"The Campaign for Accountability alleged that Nunes, chair of the House Intelligence Committee who represents Tulare and Fresno counties, may have violated federal law by leaving out information on his financial disclosure forms."
"An ethics watchdog has filed a complaint against Rep. Devin Nunes (R-Calif.), alleging that the lawmaker failed to fully disclose investments in three California companies."
Government Watchdog Files Ethics Complaint Against Rep. Devin Nunes for Lying About His Investments in Several California Companies
On July 11, 2018, CfA called on the Office of Congressional Ethics to investigate whether Rep. Devin Nunes (R-CA) violated federal law and House rules by failing to accurately disclose his investments in three California companies on his personal financial disclosures.
"The internal federal watchdog agency opened the file in response to a complaint from the government watchdog Campaign for Accountability."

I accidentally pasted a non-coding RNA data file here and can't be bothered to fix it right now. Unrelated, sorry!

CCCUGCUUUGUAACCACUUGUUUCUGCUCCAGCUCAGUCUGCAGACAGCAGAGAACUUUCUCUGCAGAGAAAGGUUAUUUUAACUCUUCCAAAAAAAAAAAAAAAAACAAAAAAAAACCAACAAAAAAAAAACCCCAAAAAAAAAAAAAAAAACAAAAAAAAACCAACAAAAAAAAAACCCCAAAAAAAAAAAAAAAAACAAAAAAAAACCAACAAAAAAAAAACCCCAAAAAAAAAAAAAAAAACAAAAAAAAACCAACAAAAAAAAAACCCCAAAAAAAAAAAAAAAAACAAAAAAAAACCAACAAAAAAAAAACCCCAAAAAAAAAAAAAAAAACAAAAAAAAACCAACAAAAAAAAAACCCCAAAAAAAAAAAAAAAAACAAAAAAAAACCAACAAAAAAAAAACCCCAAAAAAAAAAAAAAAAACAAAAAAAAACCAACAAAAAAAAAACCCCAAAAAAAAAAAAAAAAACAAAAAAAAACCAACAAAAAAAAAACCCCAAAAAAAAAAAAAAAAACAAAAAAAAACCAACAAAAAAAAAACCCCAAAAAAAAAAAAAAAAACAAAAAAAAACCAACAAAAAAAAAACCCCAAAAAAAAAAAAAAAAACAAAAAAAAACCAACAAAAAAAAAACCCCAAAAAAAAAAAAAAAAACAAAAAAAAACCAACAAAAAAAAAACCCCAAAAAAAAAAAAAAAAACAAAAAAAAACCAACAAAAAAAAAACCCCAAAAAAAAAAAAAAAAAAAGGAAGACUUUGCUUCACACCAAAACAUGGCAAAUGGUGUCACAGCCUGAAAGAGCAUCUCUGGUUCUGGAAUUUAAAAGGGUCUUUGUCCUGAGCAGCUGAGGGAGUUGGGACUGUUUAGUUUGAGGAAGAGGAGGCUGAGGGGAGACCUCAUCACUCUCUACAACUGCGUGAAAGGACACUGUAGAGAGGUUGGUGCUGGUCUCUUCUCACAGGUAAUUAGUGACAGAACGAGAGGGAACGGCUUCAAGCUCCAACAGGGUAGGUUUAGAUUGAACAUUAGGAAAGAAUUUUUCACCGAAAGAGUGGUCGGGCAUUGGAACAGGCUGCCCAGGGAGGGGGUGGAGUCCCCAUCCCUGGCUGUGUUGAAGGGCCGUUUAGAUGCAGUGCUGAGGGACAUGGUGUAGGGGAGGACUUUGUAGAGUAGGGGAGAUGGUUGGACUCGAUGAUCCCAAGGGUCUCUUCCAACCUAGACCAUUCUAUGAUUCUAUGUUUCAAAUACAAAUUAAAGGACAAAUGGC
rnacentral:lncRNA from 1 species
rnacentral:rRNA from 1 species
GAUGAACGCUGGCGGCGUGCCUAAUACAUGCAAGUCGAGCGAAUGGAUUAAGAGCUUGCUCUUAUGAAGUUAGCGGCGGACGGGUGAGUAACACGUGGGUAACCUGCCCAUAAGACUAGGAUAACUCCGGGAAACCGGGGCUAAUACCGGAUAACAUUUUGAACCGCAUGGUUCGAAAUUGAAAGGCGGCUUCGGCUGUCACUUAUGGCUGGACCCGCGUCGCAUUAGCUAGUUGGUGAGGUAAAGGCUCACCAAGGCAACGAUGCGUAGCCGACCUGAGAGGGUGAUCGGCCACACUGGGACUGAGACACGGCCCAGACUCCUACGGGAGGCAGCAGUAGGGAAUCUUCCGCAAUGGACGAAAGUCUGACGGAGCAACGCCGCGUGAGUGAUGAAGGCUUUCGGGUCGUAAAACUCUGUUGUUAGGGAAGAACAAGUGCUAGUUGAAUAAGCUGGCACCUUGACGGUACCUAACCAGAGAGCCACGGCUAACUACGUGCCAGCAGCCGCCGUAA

"The Campaign for Accountability responded to the @SecretaryZinke tweet with a link to a March 5 letter posted by the Office of Special Counsel (OSC), which updated its guidance on the Hatch Act in light of Trump confirming he will run for re-election."
On June 27, 2018, CfA called on the Office of Special Counsel to investigate whether Secretary Ryan Zinke violated the Hatch Act by wearing a pair of socks bearing the likeness of President Trump and his campaign slogan, “Make America Great Again”, while participating in the Western Governors’ Association’s annual meeting.
"A Washington, D.C., watchdog group filed an ethics complaint Thursday related to just over $6,000 of undisclosed payments to the wife of U.S. Sen. Mike Crapo, R-Idaho."
"When a watchdog group, the Campaign for Accountability, pored over Crapo's campaign finance reports, it could find no record of the senator reimbursing Hart for the use of her pad - or Hart donating the use of her home as an in-kind contribution to the Crapo campaign."
"U.S. Sen. Mike Crapo, R-Idaho, has admitted to federal election officials that he used a lobbyist-owned Washington, D.C., townhouse 81 times over a four-year period at no cost, including as recently as February."